Took you guys long enough... Also, a 5 seems mighty charitable considering what everyone else have been saying and shown about the game. Specially those hilariously horrible glitches and cutscenes. Oh, and dat dialog... But who cares right? The sonic cycle will begin anew, and fanboys will forget their lesson here and get excited all again anyway once the new game is announced..
  • Vonter - November 24, 2014 1:02 p.m.

    What keeps this series alive? I mean any other mascot series will be long forgotten.... Hmm, I suppose the lack of them might be the reason.
  • BladedFalcon - November 24, 2014 6:23 p.m.

    I think that it's because Sonic appeared at just the right time in videogame culture, and provided an icon for an entire generation of teens that were just growing up with gaming, he was just the right mix of "attitude" with a distinctive and iconic design, and pretty solid games. (I say solid, not great, because I've never considered ANY Sonic game, even the first ones, to be truly great or that do anything that breaks the mold.) So for the longest time, he was the symbol of "cool" for games, because Nintendo and Mario were anything but. He was SEGA's Bugs Bunny to Nintendo's Mickey Mouse, and so, an entire generation rooted for him and stood behind him, no matter what he did, and even praised his games even when they were flashy but shit to play. (I'm looking at you, Sonic Adventrues 1 & 2.) So, honestly? I think the only reason Sonic has endured this long where most other mascots haven't. Is entirely due to the strength of his image, and what he represents, and how generations of gamers now desperately want said image to matter because they want to identify with him more than with the goofy, lovable Mario, who's also the spitting image of the "baby boomer" generation that Gen X and Gen Y people have grown to despise.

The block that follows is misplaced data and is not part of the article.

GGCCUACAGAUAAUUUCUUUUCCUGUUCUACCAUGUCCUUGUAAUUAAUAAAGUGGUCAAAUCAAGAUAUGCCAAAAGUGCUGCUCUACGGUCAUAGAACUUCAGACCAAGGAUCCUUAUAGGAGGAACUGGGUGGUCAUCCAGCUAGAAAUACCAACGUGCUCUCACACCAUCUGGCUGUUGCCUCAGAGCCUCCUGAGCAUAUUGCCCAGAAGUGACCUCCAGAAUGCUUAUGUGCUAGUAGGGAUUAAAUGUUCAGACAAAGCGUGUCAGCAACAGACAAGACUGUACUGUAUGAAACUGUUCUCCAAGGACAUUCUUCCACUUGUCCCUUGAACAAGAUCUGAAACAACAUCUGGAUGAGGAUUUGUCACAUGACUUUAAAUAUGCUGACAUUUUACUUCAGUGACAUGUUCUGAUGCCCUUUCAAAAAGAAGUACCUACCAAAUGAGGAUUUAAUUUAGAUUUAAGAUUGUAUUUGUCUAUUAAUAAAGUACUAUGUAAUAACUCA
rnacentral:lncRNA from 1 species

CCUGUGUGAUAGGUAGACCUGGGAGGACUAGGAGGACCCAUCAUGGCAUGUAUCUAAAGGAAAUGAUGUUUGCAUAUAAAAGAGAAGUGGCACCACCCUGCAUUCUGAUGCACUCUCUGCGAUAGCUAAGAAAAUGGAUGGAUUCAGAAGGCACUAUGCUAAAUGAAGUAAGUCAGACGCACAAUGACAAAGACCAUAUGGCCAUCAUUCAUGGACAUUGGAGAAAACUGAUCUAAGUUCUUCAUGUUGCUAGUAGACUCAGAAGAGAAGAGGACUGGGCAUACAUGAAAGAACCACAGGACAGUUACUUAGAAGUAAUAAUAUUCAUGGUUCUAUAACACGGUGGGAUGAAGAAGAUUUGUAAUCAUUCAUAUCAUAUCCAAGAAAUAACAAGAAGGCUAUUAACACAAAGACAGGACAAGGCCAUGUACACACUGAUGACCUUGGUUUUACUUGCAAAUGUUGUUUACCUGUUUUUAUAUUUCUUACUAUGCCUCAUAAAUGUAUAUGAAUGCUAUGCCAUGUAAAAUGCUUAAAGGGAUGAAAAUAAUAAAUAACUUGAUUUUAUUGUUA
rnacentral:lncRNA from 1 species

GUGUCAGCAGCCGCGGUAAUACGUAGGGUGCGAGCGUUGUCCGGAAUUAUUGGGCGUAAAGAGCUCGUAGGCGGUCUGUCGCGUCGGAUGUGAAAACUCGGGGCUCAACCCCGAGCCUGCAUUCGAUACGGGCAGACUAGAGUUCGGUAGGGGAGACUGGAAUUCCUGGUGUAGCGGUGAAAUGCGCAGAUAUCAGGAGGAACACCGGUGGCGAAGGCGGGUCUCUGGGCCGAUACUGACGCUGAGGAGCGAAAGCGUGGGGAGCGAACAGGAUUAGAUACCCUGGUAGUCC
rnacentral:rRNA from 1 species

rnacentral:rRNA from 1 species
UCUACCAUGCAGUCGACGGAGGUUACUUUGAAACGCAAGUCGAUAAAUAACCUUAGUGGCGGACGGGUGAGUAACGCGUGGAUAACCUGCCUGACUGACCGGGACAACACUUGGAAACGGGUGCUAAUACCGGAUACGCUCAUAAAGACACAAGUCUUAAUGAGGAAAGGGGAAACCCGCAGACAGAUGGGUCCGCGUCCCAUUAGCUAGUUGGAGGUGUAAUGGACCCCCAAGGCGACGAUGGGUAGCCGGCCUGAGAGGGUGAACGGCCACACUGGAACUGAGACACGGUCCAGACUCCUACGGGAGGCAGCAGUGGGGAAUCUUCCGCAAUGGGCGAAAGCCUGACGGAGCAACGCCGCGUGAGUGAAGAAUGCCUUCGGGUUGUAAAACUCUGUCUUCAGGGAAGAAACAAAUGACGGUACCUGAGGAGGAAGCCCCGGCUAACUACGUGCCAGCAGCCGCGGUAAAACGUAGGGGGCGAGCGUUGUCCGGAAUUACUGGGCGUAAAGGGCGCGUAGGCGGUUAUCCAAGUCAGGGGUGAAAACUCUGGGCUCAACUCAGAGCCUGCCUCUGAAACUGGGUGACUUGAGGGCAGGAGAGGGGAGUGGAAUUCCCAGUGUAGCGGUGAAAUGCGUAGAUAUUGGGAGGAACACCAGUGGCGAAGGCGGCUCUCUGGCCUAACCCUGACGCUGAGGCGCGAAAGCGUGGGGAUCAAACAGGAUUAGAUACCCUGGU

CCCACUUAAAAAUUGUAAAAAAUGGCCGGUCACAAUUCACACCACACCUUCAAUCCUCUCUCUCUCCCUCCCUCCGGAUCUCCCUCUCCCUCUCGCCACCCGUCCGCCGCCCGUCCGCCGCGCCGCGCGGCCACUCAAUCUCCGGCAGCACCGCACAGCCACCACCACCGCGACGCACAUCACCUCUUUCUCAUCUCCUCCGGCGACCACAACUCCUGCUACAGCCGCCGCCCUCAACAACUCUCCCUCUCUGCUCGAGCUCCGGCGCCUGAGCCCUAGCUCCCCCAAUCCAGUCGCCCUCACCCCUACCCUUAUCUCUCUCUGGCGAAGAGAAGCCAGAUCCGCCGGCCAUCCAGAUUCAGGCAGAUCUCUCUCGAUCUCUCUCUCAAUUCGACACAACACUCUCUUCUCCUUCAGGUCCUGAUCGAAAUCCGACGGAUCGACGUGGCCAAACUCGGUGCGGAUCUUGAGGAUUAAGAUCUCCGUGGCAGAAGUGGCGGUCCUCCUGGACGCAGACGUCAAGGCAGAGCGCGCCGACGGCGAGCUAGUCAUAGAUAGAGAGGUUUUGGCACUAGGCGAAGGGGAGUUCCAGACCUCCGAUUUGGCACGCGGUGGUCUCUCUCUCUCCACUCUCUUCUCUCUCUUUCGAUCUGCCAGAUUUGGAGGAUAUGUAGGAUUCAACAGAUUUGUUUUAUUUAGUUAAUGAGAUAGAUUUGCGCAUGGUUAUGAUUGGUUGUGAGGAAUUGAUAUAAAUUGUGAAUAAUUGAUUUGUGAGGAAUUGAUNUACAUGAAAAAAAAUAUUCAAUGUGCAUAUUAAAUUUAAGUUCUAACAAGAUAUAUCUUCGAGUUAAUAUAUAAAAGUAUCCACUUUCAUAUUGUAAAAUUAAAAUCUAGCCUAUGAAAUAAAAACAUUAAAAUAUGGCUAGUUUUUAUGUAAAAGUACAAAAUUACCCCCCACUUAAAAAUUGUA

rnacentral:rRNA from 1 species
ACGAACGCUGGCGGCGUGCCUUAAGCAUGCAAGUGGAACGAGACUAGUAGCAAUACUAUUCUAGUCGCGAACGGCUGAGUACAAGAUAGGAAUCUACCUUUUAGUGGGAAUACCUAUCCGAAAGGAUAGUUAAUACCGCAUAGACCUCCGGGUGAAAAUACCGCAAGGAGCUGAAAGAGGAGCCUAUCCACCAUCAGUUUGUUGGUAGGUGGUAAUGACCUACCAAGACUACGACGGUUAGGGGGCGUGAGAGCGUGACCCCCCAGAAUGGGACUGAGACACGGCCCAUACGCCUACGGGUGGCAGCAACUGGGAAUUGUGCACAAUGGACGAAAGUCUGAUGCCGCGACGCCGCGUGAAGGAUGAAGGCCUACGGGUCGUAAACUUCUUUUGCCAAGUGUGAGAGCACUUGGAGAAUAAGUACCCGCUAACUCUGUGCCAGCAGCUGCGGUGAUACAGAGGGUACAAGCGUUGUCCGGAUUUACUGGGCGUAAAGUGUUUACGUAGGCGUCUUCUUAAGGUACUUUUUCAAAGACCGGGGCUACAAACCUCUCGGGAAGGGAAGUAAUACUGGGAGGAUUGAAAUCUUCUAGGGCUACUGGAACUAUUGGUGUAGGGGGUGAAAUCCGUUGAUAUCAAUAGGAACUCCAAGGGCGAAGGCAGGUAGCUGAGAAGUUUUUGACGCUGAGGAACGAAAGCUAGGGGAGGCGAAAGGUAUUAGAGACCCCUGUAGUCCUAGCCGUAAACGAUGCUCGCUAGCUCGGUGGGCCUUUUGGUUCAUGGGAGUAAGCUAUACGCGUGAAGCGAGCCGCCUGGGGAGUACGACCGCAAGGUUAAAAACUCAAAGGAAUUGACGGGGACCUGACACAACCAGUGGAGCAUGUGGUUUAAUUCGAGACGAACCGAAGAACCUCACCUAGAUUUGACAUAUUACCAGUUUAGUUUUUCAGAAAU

• Vonter - November 25, 2014 12:40 a.m.

    So in other words, they can't let him go. But oh well there is essentially a movie planned of nearly every nostalgia property ever created. If there's a time to bury him its not right now. And it also seemingly has a semi decent comic series, that his fans can latch to. Now if only Bomberman could have been as lucky.
  • BladedFalcon - November 25, 2014 5:17 a.m.

    Pretty much, yeah. Never was gonna happen. Bomberman was great, but nothing about his design is "cool" at all, and it was more along the lines of Mario in terms of aesthetic appeal. And, to be fair, Hudson soft did squander the property really bad for almost a decade before killing it entirely.
  • Vonter - November 25, 2014 9:58 a.m.

    But the adventure games had still potential, especially since they could have added a physics engine to make each bomb type different. But yeah, the last adventure one, Bomberman Jetter was lazy and it was also tied to a cartoon apparently.
  • shawksta - November 24, 2014 3:16 p.m.

  • BladedFalcon - November 24, 2014 6:05 p.m.

    Dude, you do remember I called this the very second the game was revealed here, right? :P Also, the answer to your question is obviously: Yes, it's too much to ask, SEGA clearly does not give a fuck.
  • shawksta - November 24, 2014 9:37 p.m.

    Yeah i know, but you'll never know when a game unexpectedly becomes a hit. I honestly want to see what would happen if Sega were to make a Mario game and Nintendo makes a Sonic game.
  • BladedFalcon - November 24, 2014 11:48 p.m.

    I promise you, No Sonic game will become an unexpected hit, ever again. The franchise will survive for a couple of years more while the younger generation of gamers get their new "hip" mascot. Once a new mascot inevitably takes over the place Sonic currently holds? No more Sonic games altogether will be made. Either that, or SEGA will flat out drop from making or licensing big budget console games altogether in less than 5 years. Which also sounds pretty fucking likely if you ask me. Either way, be in denial as much as you want, Sonic is done, you'll never see a great game from him ever again, A Solid one in the style of generations? maybe, but a truly great one that shines due to it's own merits rather than nostalgia? never. Marks my words.
  • shawksta - November 25, 2014 8:14 p.m.

    Im well aware of that fact. Sega themselves are barely holding up by themselves.

Showing 1-20 of 24 comments

Join the Discussion
Add a comment (HTML tags are not allowed.)
Characters remaining: 5000